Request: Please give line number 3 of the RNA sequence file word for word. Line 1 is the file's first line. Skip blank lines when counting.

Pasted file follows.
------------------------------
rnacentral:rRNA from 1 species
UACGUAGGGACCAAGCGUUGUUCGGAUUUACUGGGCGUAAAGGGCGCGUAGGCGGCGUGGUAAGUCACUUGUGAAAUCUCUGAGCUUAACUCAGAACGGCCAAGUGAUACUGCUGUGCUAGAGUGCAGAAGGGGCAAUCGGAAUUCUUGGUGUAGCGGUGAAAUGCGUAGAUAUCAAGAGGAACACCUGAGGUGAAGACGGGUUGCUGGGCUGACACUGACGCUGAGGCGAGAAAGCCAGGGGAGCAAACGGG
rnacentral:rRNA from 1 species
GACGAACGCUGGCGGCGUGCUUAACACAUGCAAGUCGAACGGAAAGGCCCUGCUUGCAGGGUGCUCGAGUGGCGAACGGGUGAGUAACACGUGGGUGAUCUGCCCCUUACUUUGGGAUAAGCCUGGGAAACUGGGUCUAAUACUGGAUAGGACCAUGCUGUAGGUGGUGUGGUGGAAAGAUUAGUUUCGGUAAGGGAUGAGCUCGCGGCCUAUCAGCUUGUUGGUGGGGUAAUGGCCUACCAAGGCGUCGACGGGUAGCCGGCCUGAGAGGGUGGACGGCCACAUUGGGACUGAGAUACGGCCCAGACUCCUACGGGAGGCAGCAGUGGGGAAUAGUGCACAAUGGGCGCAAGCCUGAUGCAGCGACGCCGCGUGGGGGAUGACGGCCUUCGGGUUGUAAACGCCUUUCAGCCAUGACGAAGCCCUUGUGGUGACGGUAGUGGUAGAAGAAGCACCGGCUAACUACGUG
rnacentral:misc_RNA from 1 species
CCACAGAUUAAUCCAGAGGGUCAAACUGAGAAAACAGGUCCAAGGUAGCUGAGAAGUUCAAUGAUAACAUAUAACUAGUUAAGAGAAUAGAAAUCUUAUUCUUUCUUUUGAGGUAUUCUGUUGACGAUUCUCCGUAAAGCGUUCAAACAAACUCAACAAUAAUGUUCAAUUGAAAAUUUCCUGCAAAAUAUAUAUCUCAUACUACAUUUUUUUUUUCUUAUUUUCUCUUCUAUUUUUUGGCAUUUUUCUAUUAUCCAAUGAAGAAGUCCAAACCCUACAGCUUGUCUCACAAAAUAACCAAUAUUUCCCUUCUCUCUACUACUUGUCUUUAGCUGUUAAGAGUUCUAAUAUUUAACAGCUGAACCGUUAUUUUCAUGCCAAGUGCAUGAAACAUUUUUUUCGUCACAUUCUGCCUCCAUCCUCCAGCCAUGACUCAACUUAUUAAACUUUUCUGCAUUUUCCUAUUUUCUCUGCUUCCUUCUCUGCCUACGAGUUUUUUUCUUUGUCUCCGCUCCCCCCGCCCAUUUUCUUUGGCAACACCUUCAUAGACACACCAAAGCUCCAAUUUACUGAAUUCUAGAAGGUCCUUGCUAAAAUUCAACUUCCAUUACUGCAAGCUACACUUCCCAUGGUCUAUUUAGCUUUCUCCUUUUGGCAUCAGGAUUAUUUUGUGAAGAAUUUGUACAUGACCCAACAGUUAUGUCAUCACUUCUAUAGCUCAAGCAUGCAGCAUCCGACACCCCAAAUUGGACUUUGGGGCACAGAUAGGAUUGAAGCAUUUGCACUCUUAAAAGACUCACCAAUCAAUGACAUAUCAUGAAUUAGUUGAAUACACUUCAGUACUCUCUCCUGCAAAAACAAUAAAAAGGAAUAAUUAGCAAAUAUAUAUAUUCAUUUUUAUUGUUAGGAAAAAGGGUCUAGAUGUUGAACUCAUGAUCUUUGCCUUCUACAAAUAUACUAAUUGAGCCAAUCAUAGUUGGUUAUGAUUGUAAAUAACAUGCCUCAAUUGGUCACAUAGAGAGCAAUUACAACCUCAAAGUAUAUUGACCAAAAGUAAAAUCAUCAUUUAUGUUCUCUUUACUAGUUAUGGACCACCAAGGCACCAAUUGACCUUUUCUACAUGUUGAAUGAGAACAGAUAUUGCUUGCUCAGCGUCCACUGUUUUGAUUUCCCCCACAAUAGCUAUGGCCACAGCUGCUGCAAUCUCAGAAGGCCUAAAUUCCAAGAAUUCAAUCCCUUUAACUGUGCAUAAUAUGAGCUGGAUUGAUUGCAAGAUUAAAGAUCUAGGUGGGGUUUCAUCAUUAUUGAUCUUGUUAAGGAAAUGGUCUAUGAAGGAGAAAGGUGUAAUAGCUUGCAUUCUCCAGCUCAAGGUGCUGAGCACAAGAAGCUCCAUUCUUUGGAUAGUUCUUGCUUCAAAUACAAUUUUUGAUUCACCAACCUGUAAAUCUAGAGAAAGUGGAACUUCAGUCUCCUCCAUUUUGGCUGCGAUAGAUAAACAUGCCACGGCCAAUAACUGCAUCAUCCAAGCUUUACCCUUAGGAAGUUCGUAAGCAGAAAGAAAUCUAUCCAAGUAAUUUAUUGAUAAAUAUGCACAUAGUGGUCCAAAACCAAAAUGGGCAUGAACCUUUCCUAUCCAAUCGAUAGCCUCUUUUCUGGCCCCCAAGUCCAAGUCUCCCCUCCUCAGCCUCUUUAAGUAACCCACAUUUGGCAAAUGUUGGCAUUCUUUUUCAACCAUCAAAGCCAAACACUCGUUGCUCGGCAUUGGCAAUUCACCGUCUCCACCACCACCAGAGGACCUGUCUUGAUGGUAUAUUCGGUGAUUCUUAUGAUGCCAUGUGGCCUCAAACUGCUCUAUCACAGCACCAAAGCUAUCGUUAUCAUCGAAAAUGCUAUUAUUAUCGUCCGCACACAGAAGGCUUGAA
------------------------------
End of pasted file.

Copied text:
rnacentral:rRNA from 1 species